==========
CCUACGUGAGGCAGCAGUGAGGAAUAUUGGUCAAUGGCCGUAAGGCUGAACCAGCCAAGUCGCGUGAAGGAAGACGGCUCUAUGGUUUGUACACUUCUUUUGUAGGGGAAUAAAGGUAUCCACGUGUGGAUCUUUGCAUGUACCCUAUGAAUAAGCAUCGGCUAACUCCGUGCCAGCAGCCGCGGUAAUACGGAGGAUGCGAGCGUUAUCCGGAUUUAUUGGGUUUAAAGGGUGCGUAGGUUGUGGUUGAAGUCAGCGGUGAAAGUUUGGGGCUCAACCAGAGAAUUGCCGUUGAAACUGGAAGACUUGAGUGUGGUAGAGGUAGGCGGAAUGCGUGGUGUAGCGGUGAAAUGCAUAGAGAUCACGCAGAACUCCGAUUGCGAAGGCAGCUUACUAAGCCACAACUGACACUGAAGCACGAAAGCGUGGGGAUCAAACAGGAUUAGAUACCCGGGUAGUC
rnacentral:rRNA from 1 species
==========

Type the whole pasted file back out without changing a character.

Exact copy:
CCUACGUGAGGCAGCAGUGAGGAAUAUUGGUCAAUGGCCGUAAGGCUGAACCAGCCAAGUCGCGUGAAGGAAGACGGCUCUAUGGUUUGUACACUUCUUUUGUAGGGGAAUAAAGGUAUCCACGUGUGGAUCUUUGCAUGUACCCUAUGAAUAAGCAUCGGCUAACUCCGUGCCAGCAGCCGCGGUAAUACGGAGGAUGCGAGCGUUAUCCGGAUUUAUUGGGUUUAAAGGGUGCGUAGGUUGUGGUUGAAGUCAGCGGUGAAAGUUUGGGGCUCAACCAGAGAAUUGCCGUUGAAACUGGAAGACUUGAGUGUGGUAGAGGUAGGCGGAAUGCGUGGUGUAGCGGUGAAAUGCAUAGAGAUCACGCAGAACUCCGAUUGCGAAGGCAGCUUACUAAGCCACAACUGACACUGAAGCACGAAAGCGUGGGGAUCAAACAGGAUUAGAUACCCGGGUAGUC
rnacentral:rRNA from 1 species